Cars

Published on April 15th, 2017 | by Steve Hanley

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Longest Range Electric Car = Tesla Model S 100D (335 Miles!)

April 15th, 2017 by  

Originally published on Gas2.

Want to own the electric car with the longest range in America? Place your order today for a Tesla Model S 100D, the non-performance version of the Model S sedan with dual motors and the company’s largest battery — 100 kWh. The official numbers from the EPA are in and the Model S 100D range came in at 331.1 miles in city driving, alongside a highway range of 337.2 miles and a combined rating of 335 miles. MPGe ratings are impressive as well — 101 city, 102 highway, 102 combined.

The combined Model S 100D range is 20 miles more than the performance version of the car, the famed P100D that has set world records for acceleration, including the stunning 2.28 second run recorded by Motor Trend last month. Before the results from the EPA were available, Tesla announced that the 100D’s range would be 335 miles. Obviously, Tesla knows its products well. Deliveries of the Model S 100D began about 3 weeks ago.

Base price of the Model S 100D is $95,800 with the pre-selected upgraded interior or $92,500 without it. Both cars have a mandatory $1,200 transportation and documentary fee added to their list price. The 100D is not quite as quick as the performance version (it’s about 1.7 seconds slower to 60 mph), but at $30,000 less (for the least expensive version), it should be more than adequate for most drivers since it is still one of the fastest production cars in the world. Acceleration equals that of the Cadillac CT6 plug-in hybrid, for instance.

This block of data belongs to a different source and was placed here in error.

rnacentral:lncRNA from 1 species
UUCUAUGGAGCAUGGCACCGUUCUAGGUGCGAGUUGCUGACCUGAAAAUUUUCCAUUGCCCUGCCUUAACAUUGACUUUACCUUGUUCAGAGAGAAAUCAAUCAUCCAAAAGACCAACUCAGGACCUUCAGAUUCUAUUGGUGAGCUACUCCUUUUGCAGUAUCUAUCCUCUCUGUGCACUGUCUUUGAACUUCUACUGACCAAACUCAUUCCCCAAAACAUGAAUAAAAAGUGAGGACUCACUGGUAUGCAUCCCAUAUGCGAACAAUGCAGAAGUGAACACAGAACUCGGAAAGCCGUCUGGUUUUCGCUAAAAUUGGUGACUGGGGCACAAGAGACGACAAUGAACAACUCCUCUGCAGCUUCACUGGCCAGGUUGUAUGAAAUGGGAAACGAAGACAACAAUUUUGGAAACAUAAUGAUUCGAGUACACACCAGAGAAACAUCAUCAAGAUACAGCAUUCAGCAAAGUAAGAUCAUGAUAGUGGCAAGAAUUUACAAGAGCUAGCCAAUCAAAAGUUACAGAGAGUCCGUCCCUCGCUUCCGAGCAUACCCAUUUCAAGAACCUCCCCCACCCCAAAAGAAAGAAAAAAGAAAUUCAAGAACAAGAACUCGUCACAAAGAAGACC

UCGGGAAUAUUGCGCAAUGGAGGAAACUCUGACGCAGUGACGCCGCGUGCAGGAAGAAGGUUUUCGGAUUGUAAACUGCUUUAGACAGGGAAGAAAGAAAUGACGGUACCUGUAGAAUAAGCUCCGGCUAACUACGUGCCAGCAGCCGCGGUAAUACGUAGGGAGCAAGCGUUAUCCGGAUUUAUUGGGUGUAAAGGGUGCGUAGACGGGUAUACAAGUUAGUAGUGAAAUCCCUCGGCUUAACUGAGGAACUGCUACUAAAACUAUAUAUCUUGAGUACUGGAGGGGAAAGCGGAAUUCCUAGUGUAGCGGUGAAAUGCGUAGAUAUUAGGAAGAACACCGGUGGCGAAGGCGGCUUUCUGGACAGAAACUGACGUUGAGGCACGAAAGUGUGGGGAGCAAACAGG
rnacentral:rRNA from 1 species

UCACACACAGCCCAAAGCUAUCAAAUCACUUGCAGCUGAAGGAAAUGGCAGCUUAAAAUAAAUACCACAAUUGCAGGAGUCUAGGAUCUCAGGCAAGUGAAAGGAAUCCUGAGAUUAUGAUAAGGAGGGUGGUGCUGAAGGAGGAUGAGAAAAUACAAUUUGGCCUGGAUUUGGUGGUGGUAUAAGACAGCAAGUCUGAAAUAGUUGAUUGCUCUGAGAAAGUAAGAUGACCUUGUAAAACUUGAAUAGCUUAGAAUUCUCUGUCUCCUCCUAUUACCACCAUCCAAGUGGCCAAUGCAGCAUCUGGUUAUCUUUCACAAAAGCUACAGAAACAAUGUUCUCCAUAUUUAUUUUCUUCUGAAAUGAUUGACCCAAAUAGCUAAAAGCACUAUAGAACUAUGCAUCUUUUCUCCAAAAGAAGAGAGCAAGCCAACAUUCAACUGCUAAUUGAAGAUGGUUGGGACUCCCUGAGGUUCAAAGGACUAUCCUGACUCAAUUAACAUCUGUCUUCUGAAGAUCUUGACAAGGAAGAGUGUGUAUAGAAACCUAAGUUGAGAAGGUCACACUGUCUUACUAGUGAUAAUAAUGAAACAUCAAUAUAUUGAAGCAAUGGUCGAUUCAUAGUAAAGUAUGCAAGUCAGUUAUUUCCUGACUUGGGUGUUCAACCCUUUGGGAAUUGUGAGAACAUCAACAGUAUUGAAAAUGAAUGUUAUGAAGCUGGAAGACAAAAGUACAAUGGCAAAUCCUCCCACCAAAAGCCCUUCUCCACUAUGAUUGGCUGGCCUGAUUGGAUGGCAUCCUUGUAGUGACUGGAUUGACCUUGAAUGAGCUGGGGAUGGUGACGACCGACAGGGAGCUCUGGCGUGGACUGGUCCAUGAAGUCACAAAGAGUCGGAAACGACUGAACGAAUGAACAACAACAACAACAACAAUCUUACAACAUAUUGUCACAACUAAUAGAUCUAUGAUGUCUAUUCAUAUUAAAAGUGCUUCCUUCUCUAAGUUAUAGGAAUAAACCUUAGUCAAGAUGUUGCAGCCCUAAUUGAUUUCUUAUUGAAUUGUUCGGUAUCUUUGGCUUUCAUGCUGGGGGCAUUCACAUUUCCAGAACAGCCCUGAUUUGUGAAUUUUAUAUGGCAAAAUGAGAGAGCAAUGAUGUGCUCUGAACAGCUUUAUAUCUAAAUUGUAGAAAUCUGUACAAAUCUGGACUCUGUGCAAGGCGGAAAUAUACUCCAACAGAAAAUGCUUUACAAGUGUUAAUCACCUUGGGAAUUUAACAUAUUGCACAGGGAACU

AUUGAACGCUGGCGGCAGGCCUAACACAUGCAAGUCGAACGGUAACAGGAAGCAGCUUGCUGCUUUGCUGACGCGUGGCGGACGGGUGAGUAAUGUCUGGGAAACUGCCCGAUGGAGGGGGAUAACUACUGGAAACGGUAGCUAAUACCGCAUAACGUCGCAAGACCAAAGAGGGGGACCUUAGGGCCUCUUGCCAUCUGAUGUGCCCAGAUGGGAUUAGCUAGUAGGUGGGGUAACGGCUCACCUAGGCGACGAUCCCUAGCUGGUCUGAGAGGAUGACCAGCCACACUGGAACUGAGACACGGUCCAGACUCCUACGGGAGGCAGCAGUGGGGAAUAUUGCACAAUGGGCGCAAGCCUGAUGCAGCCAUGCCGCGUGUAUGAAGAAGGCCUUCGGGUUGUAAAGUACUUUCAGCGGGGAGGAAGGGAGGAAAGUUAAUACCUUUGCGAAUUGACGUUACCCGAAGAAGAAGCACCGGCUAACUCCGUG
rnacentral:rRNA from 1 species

Coming competitors like the Lucid Air offer larger batteries — up to 130 kWh — but not all of that weight is carried as low as possible in the chassis as it is in Tesla products. Tesla says the 100 kWh battery is the biggest that will fit into the space available in either the Model S or Model X. As it is, the company had to do a complete redesign of the battery cooling system in order to add more battery cells to get to that 100 kWh figure, and Elon Musk says it is unlikely Tesla will offer larger batteries in the foreseeable future.

Source: InsideEVs, Image by Cynthia Shahan | CleanTechnica.pics


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About the Author

writes about the interface between technology and sustainability from his home in Rhode Island. You can follow him on Google + and on Twitter.



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